In 1524, the Augsburg organist Bernhart Rem started writing the part books Österreichische Nationalbibliothek Ms. 18 810 from which the songs for the concert are taken. The pre-concert talk will explore the writing and music-making of late medieval Germany. The early 16th-century soundscape was varied and colourful, ranging from street cries, via religious songs in processions and meetings of the Meistersinger, to instrumental music performed by “town waits”, groups of instrumentalists playing for festive occasions. The songs of Ms. 18 810 retain features of this exclusive aristocratic song culture. They might look like pop music with run-of-the-mill lyrics but in fact these are cutting-edge text-musical combinations. Singing about love’s woes and (occasionally) joys, and of how the poet, assuming the persona of a male lover, constantly runs into and (occasionally) overcomes the obstacles society throws in his way, is as noble a pastime as falconry or commissioning costly manuscripts.
On 7 March 2023 (Tuesday of week 8 of Hilary Term for the Oxonians), music editor and viol player David Hatcher, Professor of German Literature & Linguistics Henrike Lähnemann, and singer James Gilchrist met in the Holywell Music Room to discuss the songs of this manuscripts, taking in music, literature and culture in early 16th century Germany.Pre-concert-talk-scriptThe talk script including text and translation of all songs performed in the concert
The authors were members of the same courtly circles or, in cases such as Ludwig Senfl’s autobiographical song ‘Lust hab ich ghabt’, even writing texts themselves as singer-songwriters of the period. In line with the poetic habits of the period, they pay more attention to stanza form than to originality of content. Maximilian’s court was an international meeting point: not only would all forms of German dialects have been spoken, but Latin, French, and even English as well; Ludwig Senfl’s teacher Heinrich Isaac was Dutch.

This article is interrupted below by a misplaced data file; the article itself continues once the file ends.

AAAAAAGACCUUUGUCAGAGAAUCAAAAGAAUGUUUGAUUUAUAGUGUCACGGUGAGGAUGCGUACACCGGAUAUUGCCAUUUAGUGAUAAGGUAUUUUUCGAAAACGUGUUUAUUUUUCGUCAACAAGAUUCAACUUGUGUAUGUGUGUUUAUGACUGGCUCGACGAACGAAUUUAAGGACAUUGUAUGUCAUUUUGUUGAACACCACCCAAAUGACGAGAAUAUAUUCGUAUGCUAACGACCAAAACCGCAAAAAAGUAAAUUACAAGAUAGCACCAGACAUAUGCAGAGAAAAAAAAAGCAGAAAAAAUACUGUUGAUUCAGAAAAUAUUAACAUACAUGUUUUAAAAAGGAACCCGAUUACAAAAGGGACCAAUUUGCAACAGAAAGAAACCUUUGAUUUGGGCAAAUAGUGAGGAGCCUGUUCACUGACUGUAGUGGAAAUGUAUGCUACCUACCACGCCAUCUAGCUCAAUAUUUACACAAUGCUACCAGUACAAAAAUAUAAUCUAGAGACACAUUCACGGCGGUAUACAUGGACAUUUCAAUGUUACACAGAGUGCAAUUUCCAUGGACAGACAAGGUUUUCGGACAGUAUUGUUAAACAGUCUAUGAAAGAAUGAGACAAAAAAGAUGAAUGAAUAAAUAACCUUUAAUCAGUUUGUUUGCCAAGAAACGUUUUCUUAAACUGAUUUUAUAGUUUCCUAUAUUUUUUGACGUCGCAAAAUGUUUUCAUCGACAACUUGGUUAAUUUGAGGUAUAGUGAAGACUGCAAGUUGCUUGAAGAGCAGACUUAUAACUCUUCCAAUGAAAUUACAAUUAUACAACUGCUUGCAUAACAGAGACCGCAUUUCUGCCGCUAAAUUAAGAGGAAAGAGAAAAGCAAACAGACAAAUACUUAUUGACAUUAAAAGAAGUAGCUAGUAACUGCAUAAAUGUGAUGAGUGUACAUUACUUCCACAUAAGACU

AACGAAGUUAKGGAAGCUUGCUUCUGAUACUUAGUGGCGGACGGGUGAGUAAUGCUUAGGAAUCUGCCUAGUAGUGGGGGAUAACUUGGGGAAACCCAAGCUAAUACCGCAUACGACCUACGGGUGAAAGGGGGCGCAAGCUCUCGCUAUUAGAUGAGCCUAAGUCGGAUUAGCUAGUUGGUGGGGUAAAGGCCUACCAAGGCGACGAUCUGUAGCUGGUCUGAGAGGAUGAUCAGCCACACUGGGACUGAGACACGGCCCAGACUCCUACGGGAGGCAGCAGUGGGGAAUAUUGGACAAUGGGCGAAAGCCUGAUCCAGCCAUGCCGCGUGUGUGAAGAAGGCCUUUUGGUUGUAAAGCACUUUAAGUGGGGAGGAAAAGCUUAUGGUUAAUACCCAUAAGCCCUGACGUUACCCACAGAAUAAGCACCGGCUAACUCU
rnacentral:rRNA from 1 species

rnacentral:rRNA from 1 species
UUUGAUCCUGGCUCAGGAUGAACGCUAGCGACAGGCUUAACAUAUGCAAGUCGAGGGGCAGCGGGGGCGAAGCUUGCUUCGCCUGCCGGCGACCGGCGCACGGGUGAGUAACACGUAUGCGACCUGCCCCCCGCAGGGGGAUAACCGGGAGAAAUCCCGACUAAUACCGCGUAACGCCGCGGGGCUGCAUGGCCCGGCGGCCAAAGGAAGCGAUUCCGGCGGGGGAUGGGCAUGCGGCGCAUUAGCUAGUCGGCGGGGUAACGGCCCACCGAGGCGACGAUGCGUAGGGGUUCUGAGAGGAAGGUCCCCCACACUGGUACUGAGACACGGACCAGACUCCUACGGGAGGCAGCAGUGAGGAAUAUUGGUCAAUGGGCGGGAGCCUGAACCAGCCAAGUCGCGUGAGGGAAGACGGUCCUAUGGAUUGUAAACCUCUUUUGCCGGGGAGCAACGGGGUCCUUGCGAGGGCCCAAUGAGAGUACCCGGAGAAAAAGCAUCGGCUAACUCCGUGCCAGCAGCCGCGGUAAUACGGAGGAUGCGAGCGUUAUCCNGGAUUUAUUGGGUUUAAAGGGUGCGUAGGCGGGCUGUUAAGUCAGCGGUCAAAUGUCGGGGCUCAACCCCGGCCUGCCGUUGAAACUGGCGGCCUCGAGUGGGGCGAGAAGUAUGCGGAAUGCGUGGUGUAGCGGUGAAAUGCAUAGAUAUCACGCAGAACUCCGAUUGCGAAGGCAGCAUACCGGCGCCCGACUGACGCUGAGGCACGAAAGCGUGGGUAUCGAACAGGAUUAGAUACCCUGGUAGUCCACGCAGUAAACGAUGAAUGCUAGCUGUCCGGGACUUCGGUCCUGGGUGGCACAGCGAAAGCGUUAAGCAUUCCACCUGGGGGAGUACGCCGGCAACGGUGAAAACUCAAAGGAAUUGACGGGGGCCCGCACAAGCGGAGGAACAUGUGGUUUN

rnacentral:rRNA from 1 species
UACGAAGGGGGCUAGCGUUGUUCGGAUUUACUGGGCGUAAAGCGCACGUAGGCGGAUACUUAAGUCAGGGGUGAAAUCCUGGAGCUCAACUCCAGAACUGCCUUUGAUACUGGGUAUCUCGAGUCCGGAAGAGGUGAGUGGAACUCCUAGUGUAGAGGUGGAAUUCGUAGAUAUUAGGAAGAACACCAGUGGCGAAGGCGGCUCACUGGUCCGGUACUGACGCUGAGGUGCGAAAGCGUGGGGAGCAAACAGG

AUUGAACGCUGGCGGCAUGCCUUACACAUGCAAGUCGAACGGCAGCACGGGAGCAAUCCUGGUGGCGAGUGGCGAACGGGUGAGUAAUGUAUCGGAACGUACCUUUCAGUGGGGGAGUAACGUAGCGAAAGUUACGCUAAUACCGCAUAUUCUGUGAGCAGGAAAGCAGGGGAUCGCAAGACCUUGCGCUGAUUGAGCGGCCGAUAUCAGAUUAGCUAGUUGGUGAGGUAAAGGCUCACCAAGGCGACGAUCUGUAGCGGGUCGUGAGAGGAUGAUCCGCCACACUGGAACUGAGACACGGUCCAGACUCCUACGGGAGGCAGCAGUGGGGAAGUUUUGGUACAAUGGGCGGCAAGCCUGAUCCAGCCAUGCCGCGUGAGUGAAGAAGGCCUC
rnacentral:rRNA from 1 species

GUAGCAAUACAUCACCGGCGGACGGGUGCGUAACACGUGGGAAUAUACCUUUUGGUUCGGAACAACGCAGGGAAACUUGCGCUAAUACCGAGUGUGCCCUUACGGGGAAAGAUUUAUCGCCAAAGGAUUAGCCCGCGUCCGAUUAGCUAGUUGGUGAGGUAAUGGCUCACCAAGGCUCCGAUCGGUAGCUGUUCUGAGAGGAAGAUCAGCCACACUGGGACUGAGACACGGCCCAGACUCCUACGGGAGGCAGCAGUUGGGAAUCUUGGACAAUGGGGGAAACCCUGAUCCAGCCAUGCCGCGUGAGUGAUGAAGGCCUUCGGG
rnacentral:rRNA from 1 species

The pre-concert talk also mentioned the autobiographical song Lust hab ich gehabt zur musica, a song in praise of music education which spells in the verse initials the name of its author and composer, LUDWIG SENNFL, and charts his musical training.
Henrike Lähnemann writes: It is appropriate that with James Gilchrist this repertoire is interpreted by a non-native speaker. Coming to the repertoire not from within the system gives performers the advantage over a German singer to be aware of temporal and regional varieties of the language of song. I was delighted when James contacted me via Claire Horáček – alumna of my own College St Edmund Hall – to check out historical pronunciation. It was exciting to go through this repertoire which can only be grasped when spoken out aloud; this is not a text for silent reading!
Concert in the Hollywell Music Room with the Linarol Consort of viols and James Gilchrist (tenor)